Vellar company in court battle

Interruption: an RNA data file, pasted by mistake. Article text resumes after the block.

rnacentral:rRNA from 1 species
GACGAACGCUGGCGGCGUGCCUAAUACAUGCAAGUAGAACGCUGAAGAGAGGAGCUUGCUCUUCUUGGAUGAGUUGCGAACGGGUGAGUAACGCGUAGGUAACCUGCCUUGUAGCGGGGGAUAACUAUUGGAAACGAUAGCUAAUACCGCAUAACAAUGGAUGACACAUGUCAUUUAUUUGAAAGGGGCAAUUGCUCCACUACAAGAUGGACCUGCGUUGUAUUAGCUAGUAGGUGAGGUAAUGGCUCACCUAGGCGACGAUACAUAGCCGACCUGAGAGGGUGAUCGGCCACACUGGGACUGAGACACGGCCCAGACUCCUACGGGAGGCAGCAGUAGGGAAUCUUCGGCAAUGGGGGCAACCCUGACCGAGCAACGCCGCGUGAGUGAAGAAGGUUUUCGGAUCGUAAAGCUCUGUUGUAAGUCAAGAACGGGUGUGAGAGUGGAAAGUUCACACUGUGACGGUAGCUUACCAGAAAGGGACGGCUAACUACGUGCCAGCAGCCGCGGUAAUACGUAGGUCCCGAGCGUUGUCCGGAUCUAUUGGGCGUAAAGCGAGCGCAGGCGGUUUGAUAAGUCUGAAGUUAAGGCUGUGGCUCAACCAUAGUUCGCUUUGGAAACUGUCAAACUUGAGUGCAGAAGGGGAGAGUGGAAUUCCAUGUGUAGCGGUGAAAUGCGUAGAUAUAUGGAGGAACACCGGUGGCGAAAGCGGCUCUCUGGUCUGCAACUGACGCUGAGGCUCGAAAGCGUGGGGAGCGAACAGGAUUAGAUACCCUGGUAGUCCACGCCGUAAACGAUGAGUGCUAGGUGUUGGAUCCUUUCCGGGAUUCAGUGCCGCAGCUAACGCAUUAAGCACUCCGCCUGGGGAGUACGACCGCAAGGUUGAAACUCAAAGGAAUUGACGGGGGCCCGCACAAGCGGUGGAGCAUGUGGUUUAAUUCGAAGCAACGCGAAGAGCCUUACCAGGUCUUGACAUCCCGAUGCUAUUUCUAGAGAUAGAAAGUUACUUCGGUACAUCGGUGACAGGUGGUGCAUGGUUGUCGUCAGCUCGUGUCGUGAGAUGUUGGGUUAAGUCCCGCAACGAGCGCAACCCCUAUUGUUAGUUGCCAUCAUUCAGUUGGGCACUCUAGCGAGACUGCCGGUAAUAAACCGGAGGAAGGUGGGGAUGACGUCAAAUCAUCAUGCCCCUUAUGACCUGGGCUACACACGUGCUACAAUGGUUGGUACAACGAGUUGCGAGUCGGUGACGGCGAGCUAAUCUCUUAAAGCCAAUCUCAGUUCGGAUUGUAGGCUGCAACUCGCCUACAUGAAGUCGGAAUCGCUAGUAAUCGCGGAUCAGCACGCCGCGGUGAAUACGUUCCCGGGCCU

Frank Vellar, left, and the Regent St complex.Owners of a Wollongong apartment complex are taking legal action to wind up a Vellar construction company over money it owes for repairs to defective building works.An application to wind up Oberon Property Holdings Pty Ltd, which changed its name from Vellar Constructions Pty Ltd in August 2008, was heard in the Supreme Court yesterday.The company’s two directors include disgraced developer Frank Vellar and another family member, Elide Vellar. Frank Vellar faces another legal dramaThe owners’ corporation of 7 Regent St are taking the legal action in an attempt to recover a $135,000 payout awarded by the Consumer, Trader and Tenancy Tribunal on March 13. The sum included the cost to repair the building and legal costs. None of the money has been paid.Owners of the 50 units took action after water began leaking into the building around 2005-06. After the tribunal ruled in the residents’ favour and the construction company failed to pay within the allowed time, the owners’ corporation took the case to the District Court. They obtained a default judgment on April 24, ordering the company to pay up. When the company still did not pay the damages, the application to place the company into liquidation was lodged with the Supreme Court.A representative for a second creditor also owed a substantial sum – Smorgan Steel – appeared in court yesterday to support the application to wind up the company.Another secured creditor, the ANZ bank, was also represented.Oberon Property Holdings’ solicitor asked for a two-week adjournment, suggesting the company was not insolvent and should not be wound up. He said it would take two to three weeks to obtain an accountant’s report into the company’s finances.Access Law Group solicitor Darrin Mitchell, representing the owners’ corporation, opposed the adjournment.He said it was “hard to believe” Oberon Property Holdings had only become aware of the legal action recently, despite the application being lodged more than a month ago. Mr Mitchell told the court he had instructions to proceed as “the defendant does not appear to be serious about this matter”.Senior deputy registrar Andrew Musgrave allowed the adjournment but said any future attempts to adjourn the case would need to be supported with evidence. The case will be mentioned in the Supreme Court on August 25.

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